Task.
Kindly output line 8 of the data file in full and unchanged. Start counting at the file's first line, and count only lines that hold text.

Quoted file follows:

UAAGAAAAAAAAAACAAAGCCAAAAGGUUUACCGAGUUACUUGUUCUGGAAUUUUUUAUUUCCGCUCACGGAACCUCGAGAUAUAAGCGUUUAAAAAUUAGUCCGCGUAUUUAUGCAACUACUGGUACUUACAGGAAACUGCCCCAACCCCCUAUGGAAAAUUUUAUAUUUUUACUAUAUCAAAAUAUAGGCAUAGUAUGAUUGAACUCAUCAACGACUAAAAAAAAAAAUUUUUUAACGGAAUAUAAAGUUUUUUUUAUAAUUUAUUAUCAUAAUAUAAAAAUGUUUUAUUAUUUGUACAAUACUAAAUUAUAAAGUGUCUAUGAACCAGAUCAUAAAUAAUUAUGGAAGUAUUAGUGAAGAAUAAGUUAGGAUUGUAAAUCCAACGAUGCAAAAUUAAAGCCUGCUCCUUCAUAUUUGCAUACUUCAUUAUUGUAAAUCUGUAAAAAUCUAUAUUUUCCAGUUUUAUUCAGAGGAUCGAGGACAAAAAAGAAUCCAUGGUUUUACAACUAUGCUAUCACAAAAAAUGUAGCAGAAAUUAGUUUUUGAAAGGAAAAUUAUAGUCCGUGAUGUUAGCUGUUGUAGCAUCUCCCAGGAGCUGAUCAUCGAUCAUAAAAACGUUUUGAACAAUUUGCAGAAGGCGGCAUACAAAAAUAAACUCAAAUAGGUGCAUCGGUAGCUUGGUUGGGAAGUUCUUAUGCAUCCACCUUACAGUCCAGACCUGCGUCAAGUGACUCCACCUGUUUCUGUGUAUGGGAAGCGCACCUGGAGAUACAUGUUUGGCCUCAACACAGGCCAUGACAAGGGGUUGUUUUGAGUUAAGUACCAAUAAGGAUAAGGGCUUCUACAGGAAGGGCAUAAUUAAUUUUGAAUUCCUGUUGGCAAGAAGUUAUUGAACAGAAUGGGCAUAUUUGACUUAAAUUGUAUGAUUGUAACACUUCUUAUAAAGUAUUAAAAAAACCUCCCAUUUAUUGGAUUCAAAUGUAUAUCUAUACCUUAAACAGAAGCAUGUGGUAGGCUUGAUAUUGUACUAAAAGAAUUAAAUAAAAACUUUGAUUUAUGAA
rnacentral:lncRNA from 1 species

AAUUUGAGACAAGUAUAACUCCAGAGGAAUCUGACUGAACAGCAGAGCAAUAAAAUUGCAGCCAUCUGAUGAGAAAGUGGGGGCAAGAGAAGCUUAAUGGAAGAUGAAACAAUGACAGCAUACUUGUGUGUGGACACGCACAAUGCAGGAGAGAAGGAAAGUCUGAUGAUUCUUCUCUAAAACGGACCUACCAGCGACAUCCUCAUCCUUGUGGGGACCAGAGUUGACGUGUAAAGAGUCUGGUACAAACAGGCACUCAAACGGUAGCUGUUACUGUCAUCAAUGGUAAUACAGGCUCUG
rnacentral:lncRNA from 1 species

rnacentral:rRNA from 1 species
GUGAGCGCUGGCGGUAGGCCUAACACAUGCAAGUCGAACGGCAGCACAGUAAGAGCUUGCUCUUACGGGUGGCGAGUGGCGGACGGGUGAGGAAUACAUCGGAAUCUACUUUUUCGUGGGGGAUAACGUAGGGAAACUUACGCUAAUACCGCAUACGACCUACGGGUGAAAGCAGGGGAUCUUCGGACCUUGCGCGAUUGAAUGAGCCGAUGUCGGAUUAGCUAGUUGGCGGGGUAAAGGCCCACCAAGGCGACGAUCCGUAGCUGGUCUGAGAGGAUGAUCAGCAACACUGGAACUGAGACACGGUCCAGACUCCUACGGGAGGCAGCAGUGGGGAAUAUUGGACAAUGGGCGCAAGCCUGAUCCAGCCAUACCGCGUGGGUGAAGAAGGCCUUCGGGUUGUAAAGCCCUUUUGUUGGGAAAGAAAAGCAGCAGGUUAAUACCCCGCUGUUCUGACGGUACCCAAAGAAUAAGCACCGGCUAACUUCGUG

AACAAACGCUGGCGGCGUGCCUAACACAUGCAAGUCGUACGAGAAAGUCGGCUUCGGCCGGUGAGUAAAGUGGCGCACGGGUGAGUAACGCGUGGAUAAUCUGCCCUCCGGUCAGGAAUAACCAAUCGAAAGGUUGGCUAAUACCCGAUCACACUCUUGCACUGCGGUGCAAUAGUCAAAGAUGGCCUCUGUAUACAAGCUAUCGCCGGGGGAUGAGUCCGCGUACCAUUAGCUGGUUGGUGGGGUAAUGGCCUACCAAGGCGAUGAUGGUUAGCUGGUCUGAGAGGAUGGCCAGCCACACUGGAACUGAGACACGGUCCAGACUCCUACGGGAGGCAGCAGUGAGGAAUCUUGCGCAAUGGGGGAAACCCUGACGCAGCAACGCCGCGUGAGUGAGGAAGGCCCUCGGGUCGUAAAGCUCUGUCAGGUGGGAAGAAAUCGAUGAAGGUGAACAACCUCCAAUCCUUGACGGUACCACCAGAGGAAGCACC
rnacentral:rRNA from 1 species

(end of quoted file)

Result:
rnacentral:rRNA from 1 species